Here I am just showing the neck and headstock after carving, shaping, and sanding it down to how I want it to look.
For the ukes I had to make my ESQ headstock logo a little smaller. I tried to care out some wood to use for this instead of shell, but the wood always broke . So i tried to use wood dust and epoxy to fill the logo. Not sure if I like it since I am not an expert at using the Dremmel yet in cutting the logo into the headstock. May attempt to make a stencil and paint it on next time and save the carving for higher end instruments, but I will need to practice, practice, and practice at it.
Next pics will be the start of the lacquering of the uke and ESQ#2.
New update on the progress made. Glued up all of the braces for the top yesterday after finishing the rosette the day before and thickness sanding the top in the morning. Only took it down to .095″ this time around so I can sand it some more when I get it glued to the box and before the finish is applied. Hopefully will get it attached to the box tonight after I radius sand the new kerfing and slot it for the braces to fit. Making progress every day now.
Once I get it attached I will reroute the channel for the herringbone purfling and glue that up. Almost there once again.
It has been along time since my last post. Well I was frustrated with the way my top was going and actually tore the whole thing off. Yes tore it off. Removed all the kerfing cleaned up the inside and put new kerfing on.
I had to order a new redwood top and rosette so in the mean time I started working on ESQs first ukulele. Here are some pics –
So yes I have been busy with building and helping out my wonderfully talented wife with the many dance events she has had going on these past few months. But now I’m back and well be posting many more pics of ESQ #2, the first uke, and ESQ #3 on the near future.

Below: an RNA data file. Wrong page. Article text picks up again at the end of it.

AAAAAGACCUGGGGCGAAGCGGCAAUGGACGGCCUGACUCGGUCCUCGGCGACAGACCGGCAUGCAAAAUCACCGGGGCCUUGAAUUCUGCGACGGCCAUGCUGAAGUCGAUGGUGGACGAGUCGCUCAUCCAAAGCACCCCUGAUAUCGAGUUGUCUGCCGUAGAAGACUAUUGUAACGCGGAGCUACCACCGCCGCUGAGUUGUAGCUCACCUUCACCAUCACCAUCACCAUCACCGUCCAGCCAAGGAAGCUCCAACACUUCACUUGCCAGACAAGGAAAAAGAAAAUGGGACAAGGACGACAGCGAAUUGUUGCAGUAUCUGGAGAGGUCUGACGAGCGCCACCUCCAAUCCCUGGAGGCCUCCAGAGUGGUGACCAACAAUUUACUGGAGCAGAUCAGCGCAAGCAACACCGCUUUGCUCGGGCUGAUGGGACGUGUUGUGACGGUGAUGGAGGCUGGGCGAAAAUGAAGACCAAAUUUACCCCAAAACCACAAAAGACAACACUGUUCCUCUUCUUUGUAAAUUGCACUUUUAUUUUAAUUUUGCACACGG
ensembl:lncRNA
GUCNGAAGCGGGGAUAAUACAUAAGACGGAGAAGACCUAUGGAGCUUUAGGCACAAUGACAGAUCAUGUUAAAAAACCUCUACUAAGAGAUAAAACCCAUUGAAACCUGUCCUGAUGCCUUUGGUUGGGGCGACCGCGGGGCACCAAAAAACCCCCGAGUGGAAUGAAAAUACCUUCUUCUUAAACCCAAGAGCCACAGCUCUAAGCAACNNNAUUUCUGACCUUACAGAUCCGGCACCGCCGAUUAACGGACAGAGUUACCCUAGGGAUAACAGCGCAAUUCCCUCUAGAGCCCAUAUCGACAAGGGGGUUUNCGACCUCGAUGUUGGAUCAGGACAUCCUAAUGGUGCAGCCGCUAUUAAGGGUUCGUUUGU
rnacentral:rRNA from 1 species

I know I promised that I would post more often, but I wasn’t happy with the work I have accomplished lately on the guitar. Most notibly the work on the bindings and purfling, especially around the waist areas. So what did I do about it? Yes, I went extreme and routed out the old bindings and purflings, bought some new ones, and started over. I went with a binding that was already laminated with some BWB so I could bend it a little easier. I found that the BWB material wouldn’t bend as well and had a tendency to twist. I also used the bending iron to bend only the larger curves and then used a hair dryer to soften the bindings as I was glueing them on. This worked very well and sped up the process considerably. So here are some pictures.
Here you will see that I went ahead and did the hearing bone purling seperatly from the bindings. I realized that when I tried to do everything at once it was too difficult to keep it all lined up properly. So I glued in the purling and let it set overnight.
And now some picture of the finished binding job.
The bindings are so much cleaner along all of the curves.
Oh and I also worked on cleaning up the ESQ logo on the headstock.
I will complete the finish sanding of the whole body and start prepping it for the finish. I have been ready up on if I need to pore fill the woods before finishing, but everywhere I look it states that redwood and Oregon myrtle do not need to be filled. More to come….
Yes, it has been some time since I have post anything. Well it’s because I wasn’t happy with the way my guitar was looking. I had issues with the bending and glue-up of the bindings and purflings. I was also having issues with the neck and how it was fitting into the body. So I added some wood to the neck to be able to redo the bolt connections. I am now a little happier with the neck area. So what did I do with the bindings and purflings?? Well I cut the old ones out and started over with cutting the channels and glue-up of the bindings. Of course this meant purchasing new bindings and then bending them once again. I am also using steam from an iron to help get the additional bends I need during the dry fitting. Well I have glued the new bindings into place and here are some pics that show the excessive tape job I did to ensure that the bindings are flush with the bottom of the channel and the sides.
I will leave these for 24 hours and then check the fit. If everything is good I will then glue in the herringbone purflings. Oh I also worked on the bridge a little by cutting the slot for the saddle and drilled the holes for the bridge pins.
There have been a lot of areas I would love to change or do better, so lessons learned for the next one. I just need to learn not to be too critical of myself on only the second guitar.